Owen Fitzstephen‘s book is called The Big Man’s Daughter, and it doesn’t really have a detective in it, but…
Explaining one of his books is a bit like skiing about soup. This is really just the author playing fast and loose (and possibly avoiding lawsuits from the Dashiell Hammett estate) with The Maltese Falcon (again).
Like, really fast and really loose.
When the best laid scams of her father (a criminal known as “The Big Man,” not “The Fat Man”) to procure a priceless statuette of a bird called the Black Falcon (not the Maltese Falcon) that is said to possess mystical powers, go belly-up, eighteen year-old scam artist Rita Gaspereaux (whose name is not Rhea Gutman) finds herself abandoned and penniless in the merciless criminal underworld of 1922 San Francisco.
Sounds intriguing, even if it’s not exactly the stuff that P.I. dreams are made of.
But then McAlpine, that crafty son of a bitch, slips us a real literary Mickey Finn.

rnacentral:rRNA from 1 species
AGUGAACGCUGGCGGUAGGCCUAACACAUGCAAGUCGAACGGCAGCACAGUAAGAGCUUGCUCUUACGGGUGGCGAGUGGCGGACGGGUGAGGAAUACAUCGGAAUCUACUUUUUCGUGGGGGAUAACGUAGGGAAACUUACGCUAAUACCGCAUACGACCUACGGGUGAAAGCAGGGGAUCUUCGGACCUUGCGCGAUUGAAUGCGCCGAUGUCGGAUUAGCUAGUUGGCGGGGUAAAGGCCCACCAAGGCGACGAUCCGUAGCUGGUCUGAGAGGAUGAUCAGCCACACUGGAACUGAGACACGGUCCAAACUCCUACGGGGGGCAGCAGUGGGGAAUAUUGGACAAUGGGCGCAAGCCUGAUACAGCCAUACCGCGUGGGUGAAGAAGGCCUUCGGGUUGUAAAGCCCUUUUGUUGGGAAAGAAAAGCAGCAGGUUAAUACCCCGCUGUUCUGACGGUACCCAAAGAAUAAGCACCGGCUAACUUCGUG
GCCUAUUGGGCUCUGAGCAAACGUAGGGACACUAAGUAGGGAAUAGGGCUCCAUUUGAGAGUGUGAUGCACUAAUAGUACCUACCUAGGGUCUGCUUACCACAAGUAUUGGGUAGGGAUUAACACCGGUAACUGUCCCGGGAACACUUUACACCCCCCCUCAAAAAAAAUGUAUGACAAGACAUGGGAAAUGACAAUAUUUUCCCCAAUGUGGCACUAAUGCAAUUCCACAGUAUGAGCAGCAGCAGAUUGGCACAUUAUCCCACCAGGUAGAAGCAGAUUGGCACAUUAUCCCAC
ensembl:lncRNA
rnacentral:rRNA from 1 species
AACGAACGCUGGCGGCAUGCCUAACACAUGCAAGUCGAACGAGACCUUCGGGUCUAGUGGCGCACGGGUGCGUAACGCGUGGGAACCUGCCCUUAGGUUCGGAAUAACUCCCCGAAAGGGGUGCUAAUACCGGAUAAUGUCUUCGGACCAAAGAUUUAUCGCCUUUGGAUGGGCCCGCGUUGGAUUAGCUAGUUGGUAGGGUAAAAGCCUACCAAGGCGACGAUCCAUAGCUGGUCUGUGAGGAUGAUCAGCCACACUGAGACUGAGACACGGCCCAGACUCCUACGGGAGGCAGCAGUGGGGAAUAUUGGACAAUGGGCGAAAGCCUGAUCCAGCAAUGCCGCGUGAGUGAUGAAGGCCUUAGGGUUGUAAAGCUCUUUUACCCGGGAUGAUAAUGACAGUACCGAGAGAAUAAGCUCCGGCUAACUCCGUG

Rita’s only comfort (and possible salvation), it turns out, is a novel about another lost eighteen year-old that she’s become obsessed with. And as this multi-layered mash-up unfolds, Rita begins to discover some strange and disturbing parallels between herself and a certain Dorothy G. from Kansas, the plucky heroine of the book-within-a-book, and the lines between fictional worlds begin to, uh, magically blur.
Damn you, Fitzstephen! You’ve done it again!
It may not be a detective novel, or even a mystery, really, but it’s a heady brew all the same; a ballsy, carefully assembled and psychologically sharp read that tears into the guts of what it’s like to be young, scared and not sure where you’re going. Or where exactly you’ve been.
If you’re a Hammett fan, you’re going to love this.